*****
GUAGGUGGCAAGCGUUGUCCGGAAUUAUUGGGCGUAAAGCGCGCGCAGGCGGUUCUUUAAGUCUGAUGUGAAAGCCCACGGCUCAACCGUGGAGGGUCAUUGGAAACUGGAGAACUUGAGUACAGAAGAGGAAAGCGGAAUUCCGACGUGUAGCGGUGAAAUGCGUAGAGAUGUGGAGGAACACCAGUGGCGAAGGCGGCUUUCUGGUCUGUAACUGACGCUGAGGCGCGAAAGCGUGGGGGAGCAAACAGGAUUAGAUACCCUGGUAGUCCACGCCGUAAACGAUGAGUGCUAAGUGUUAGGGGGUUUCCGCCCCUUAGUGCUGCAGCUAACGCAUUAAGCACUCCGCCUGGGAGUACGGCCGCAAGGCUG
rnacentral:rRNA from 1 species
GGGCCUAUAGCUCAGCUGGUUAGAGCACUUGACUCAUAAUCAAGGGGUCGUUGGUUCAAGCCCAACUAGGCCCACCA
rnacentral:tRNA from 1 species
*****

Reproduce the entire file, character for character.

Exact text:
GUAGGUGGCAAGCGUUGUCCGGAAUUAUUGGGCGUAAAGCGCGCGCAGGCGGUUCUUUAAGUCUGAUGUGAAAGCCCACGGCUCAACCGUGGAGGGUCAUUGGAAACUGGAGAACUUGAGUACAGAAGAGGAAAGCGGAAUUCCGACGUGUAGCGGUGAAAUGCGUAGAGAUGUGGAGGAACACCAGUGGCGAAGGCGGCUUUCUGGUCUGUAACUGACGCUGAGGCGCGAAAGCGUGGGGGAGCAAACAGGAUUAGAUACCCUGGUAGUCCACGCCGUAAACGAUGAGUGCUAAGUGUUAGGGGGUUUCCGCCCCUUAGUGCUGCAGCUAACGCAUUAAGCACUCCGCCUGGGAGUACGGCCGCAAGGCUG
rnacentral:rRNA from 1 species
GGGCCUAUAGCUCAGCUGGUUAGAGCACUUGACUCAUAAUCAAGGGGUCGUUGGUUCAAGCCCAACUAGGCCCACCA
rnacentral:tRNA from 1 species